6. Standard member Duncan Clarke
    Student
    22 May '16 08:57 / 1 edit
    Sure, the game rewards thought. But the position is farcical. What was black's last move? The best I can come up with is Bb7-a8 - but why?

    Mate in 2 is succinct, but the time spent thinking it through is, in my opinion, time not well spent. Mate in 3, in this position follows a natural progression and, in terms of clock time, is certainly going to be much less.
  7. Subscriber BigDoggProblem
    The Advanced Mind
    22 May '16 12:02
    Originally posted by Duncan Clarke
    Sure, the game rewards thought. But the position is farcical. What was black's last move? The best I can come up with is Bb7-a8 - but why?

    Mate in 2 is succinct, but the time spent thinking it through is, in my opinion, time not well spent. Mate in 3, in this position follows a natural progression and, in terms of clock time, is certainly going to be much less.
    It's only farcical if one assumes that the position should come from a game of competitive chess. But it obviously doesn't, nor was it intended to, nor should it have. Problems have intrinsic value and chess is richer than just a competition between two players.
  8. 22 May '16 12:28
    Sometimes you get study like positions appearing
    in games. This piece of magic comes to mind.

    White to play and win. (mate in 7)


    Ivanchuk - Shirov, Bazna 2009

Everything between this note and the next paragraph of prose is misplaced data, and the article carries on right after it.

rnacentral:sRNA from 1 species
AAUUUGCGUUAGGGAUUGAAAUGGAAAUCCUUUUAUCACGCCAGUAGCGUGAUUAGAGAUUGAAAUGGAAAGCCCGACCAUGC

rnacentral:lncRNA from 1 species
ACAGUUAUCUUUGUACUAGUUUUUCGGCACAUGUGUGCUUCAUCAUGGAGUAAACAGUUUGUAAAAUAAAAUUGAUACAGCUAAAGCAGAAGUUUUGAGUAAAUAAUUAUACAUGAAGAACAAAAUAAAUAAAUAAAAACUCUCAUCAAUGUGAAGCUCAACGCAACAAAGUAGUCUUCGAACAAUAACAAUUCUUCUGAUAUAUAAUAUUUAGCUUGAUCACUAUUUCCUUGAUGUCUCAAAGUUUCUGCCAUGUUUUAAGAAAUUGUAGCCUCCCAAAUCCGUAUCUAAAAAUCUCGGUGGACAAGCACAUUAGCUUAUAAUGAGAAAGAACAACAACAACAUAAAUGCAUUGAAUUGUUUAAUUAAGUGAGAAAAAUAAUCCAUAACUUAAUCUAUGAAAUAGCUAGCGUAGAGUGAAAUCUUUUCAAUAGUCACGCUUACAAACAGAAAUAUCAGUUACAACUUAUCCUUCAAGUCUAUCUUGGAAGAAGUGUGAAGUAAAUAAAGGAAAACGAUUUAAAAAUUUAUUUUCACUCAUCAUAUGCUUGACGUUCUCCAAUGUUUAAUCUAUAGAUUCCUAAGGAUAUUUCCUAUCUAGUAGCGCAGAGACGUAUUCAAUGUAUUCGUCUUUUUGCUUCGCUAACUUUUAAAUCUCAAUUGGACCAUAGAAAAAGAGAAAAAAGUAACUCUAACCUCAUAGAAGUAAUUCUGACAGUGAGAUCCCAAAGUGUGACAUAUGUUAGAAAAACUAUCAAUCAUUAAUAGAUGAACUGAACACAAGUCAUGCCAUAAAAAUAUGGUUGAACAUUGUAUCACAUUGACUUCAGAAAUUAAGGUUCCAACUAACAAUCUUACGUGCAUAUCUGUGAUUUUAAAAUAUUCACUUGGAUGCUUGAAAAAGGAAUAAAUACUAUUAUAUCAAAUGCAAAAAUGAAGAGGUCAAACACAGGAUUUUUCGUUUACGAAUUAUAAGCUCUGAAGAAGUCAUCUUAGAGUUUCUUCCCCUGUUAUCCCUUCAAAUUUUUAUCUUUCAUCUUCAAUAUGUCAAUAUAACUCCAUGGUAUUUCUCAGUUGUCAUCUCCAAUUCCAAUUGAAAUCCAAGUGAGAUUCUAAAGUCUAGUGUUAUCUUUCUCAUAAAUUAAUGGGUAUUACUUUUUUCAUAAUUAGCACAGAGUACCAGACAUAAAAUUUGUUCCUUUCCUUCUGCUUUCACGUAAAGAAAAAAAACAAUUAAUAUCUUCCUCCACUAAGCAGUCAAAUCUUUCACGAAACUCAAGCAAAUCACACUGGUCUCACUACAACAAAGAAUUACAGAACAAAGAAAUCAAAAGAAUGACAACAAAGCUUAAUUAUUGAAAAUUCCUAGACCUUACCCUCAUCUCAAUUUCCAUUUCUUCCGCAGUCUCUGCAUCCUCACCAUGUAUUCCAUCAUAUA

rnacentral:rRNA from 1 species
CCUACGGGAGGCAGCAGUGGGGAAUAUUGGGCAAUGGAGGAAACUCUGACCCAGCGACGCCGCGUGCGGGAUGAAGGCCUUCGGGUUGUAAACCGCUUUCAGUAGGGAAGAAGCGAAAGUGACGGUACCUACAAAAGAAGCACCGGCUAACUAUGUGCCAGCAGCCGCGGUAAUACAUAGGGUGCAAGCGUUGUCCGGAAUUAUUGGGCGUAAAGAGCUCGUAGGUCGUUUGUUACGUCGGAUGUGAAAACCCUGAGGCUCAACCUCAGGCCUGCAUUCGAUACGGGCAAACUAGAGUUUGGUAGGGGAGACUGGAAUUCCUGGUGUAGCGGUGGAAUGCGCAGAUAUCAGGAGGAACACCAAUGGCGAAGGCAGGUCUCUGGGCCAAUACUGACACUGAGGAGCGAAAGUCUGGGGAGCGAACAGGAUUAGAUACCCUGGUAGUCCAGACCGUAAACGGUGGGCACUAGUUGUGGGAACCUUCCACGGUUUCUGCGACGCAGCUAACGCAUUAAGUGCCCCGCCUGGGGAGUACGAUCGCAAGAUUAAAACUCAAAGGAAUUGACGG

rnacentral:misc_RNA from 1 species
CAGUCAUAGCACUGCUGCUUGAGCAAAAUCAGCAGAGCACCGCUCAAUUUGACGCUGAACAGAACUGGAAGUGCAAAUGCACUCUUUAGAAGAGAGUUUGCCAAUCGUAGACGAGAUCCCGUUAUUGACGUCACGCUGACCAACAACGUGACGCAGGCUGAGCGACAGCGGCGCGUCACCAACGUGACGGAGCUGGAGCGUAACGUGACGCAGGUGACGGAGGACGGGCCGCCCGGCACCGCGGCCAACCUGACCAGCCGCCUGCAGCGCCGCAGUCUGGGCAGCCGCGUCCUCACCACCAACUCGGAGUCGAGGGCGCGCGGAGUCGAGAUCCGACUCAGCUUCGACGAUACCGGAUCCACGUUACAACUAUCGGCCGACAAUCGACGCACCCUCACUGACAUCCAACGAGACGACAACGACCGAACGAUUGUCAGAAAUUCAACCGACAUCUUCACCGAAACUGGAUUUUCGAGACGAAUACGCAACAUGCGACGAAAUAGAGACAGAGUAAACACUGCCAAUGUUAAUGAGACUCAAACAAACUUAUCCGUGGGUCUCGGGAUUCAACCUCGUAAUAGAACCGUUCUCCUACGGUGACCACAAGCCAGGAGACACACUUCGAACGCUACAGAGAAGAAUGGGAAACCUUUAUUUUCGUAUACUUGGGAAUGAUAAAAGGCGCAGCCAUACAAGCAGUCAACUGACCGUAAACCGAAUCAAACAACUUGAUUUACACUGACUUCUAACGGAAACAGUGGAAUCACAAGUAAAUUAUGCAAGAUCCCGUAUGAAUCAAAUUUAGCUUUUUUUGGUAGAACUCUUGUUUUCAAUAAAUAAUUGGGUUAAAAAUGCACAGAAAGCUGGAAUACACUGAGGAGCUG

9. Subscriber Ragwortonline
    Ex Duris Gloria
    22 May '16 13:22 / 1 edit
    Originally posted by Duncan Clarke
    Sure, the game rewards thought. But the position is farcical. What was black's last move? The best I can come up with is Bb7-a8 - but why?

    Mate in 2 is succinct, but the time spent thinking it through is, in my opinion, time not well spent. Mate in 3, in this position follows a natural progression and, in terms of clock time, is certainly going to be much less.
    My feeling is that thinking about the position and the move white might make it is reasonable as well as artistic to leave the opponent one legal move that allows mate.

    I don't know about you but when I've missed something in a game it's usually because my mind has not been open to a possibility and is following a narrow train of thought. I missed a mate in two in this position during a county match against Cambridgeshire a few years ago - all because I was absorbed with not allowing a back rank mate such that I had closed my mind to rook moves. White to play...




    I won in the end but had to face down some clock pressure as well as needing to bring home a point for the team. Of course afterwards every one including the cat was queuing up to demonstrate the win.